Distribution of crack kits is good policy
Consider this: The province decides to fund a cheap medical program that could reduce the spread of a serious disease and, along with it, could reduce health care costs significantly.
One would think such a program would be heartily endorsed by anyone who's concerned about spiralling health care costs. Alas, the program concerns drugs - more specifically, crack cocaine, one of the most harmful of the illicit drugs. And that means that many people will reflexively oppose the program regardless of the benefits it may realize.
The pilot project involves distributing crack kits, including pipes, mouthpieces, filters and condoms, to crack cocaine smokers. Although it's not clear how many subjects will be involved, the project is expected to run for six months to a year and to cost between $50,000 and $60,000.
That's a mere pittance compared to the project's potential savings.
Although the evidence is not conclusive on this point, there is reason to believe that the sharing of crack pipes can lead to transmission of a variety of blood-borne diseases, most notably hepatitis C (HCV). Indeed, just a few years ago Benedikt Fischer of the University of Victoria's Centre for Addiction Research studied 51 crack smokers and found HCV on one pipe.
This doesn't prove that HCV is transmitted via shared crack pipes, but given that many crack smokers have burns and open sores on their lips, it's certainly possible.
We know further that both HCV and pipe sharing are epidemic among crack users.
According to data from the ongoing BC Alcohol and Other Drug Monitoring Project, which interviews samples of drug users every six months, 70 per cent of crack smokers in Victoria and 60 per cent in Vancouver reported sharing crack pipes.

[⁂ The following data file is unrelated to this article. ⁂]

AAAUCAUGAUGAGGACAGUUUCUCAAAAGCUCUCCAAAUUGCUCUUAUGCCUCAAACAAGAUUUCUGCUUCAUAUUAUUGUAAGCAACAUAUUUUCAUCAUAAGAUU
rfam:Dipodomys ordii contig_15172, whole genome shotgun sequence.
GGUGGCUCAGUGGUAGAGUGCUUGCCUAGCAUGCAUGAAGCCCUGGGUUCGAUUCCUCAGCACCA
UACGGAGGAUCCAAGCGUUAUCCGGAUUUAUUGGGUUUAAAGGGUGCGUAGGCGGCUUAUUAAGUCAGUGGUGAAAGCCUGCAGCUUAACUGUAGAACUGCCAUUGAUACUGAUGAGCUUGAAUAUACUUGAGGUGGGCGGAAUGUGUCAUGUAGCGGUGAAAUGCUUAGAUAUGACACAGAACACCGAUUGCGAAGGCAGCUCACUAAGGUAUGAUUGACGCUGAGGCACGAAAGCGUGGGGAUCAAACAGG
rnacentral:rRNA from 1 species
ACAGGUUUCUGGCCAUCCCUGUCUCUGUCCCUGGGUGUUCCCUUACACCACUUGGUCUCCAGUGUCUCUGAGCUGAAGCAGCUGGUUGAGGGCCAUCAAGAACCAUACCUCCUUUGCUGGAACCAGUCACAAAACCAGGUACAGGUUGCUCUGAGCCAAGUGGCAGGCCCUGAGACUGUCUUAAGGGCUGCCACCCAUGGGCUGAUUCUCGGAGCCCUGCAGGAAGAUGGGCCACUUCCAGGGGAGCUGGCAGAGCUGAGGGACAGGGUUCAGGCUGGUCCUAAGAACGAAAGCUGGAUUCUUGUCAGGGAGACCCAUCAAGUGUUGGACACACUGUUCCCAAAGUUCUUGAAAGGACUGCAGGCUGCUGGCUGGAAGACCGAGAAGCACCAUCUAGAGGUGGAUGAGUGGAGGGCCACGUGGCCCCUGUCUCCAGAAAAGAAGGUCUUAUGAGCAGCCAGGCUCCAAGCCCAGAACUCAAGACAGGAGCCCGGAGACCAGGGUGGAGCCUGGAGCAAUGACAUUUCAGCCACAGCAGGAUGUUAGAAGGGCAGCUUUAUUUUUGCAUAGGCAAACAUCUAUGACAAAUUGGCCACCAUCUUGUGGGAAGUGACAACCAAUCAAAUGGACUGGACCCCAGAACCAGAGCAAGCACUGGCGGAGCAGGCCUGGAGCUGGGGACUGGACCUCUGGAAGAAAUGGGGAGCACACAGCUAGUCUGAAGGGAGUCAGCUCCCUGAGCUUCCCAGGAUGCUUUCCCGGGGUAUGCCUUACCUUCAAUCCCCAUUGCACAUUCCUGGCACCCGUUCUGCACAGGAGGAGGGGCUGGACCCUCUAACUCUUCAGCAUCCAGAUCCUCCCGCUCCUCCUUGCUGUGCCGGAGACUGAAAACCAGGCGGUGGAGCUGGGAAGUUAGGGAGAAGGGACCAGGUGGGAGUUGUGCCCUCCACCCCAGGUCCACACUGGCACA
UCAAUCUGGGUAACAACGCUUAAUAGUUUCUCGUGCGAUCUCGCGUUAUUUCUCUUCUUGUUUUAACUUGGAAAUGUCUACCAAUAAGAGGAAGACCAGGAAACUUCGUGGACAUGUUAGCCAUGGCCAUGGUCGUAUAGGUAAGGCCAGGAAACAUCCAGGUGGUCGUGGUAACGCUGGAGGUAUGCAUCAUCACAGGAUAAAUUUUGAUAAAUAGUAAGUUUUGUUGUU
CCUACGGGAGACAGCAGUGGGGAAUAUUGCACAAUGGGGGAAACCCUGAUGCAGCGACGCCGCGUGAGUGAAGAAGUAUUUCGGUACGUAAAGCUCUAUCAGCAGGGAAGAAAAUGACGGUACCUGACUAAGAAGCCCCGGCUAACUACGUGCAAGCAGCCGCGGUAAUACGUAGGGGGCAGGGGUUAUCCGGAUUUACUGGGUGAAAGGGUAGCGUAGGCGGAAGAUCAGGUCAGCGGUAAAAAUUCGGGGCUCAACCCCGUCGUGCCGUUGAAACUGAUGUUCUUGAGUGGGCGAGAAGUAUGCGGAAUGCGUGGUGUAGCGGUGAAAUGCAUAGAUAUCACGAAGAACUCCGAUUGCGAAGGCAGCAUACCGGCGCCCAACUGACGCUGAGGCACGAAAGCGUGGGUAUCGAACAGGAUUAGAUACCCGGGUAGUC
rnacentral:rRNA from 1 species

It is, therefore, imperative that we do whatever we can to reduce the risk of HCV transmission among crack users, not only to safeguard their health but also to reduce health care costs.
The cost of treating HCV infection is estimated at $30,000 per person per year, and given the number of HCV-infected drug users in Canada, the estimate for treatment over the next 20 years runs into the billions of dollars.
This itself is a crisis, in addition to the epidemic of HCV infection among drug users.
And it means that if the pilot project prevents two people from becoming HCV positive, it will have paid for itself for each year's outlay.
But preventing HCV infection is, of course, not the only to reason to endorse the project. Crack pipe sharing might also lead to HIV transmission and to respiratory illnesses such as pneumonia.
And preventing disease isn't the only reason to endorse the project.
The distribution of crack kits also acts as a form of outreach to deeply marginalized drug users, a point of first contact with the health care system.
As we have seen with Insite, Vancouver's supervised injection site, the project could ultimately result in more users seeking treatment.
Of course, we don't know if the project will have this effect, or even if it will reduce HCV infection. But that is precisely why it needs to be tried and studied. Running such a project is the very epitome of responsible health care policy-making.